School bus fires are pretty rare, numbers show

WASHINGTON — The image is unnerving: a school bus fully engulfed in smoke from a fire.

On Oct. 2, the Twitter feed of Montgomery County’s fire and rescue department featured a photo of the bus near the intersection of Georgia Avenue and Shorefield Road. There weren’t any passengers on board and no one was hurt.

On Wednesday morning, a bus on its way to Westland Middle School in Bethesda was disabled after a seal broke on the bus’ turbocharger. Some oil got into a hot exhaust stream and produced a lot of smoking oil,  said Todd Watkins, the system’s transportation director.

Students were taken from the bus. There weren’t any injuries.

School bus fires aren’t common, accounting for just 1 percent of all vehicle fires between 2006 and 2010, according to the National Fire Protection Association. Some 2,130 bus fires are reported each year without fatalities, the association said.

Under Maryland regulations, local school districts are required to practice school bus fire drills twice a year. The local districts have four inspections per bus each year. In Montgomery County Public Schools, buses are inspected every 30 days, Watkins said.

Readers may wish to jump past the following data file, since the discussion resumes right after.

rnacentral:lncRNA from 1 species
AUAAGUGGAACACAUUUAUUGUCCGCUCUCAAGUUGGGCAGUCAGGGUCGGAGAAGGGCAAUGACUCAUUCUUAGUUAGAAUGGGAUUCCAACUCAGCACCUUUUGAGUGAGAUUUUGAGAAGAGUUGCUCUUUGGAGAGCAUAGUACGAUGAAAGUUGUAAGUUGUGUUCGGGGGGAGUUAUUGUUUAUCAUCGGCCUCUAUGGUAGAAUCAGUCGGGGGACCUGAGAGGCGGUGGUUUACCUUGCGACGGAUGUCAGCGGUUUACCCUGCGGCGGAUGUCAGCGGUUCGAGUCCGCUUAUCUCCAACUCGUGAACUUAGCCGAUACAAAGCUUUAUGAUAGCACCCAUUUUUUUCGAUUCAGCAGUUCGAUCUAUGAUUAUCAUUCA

Designs have evolved to increase school bus safety. Fire retardant seats minimize the dangers of fire; they burn slower to allow more evacuation time, Watkins said.

In Prince George’s County, schools spokeswoman Sherrie Johnson said there’s been one incident involving a school bus this year. What a bus driver thought was a fire turned out to be an issue with the braking mechanism. There was heavy smoke, but no fire.

In Fairfax County, schools spokesman John Torre said all students take part in bus evacuation drills. The exercises are required during the first 30 instructional days of each semester, and during the first 10 days of summer school.

WTOP’s Kate Ryan contributed to this report.

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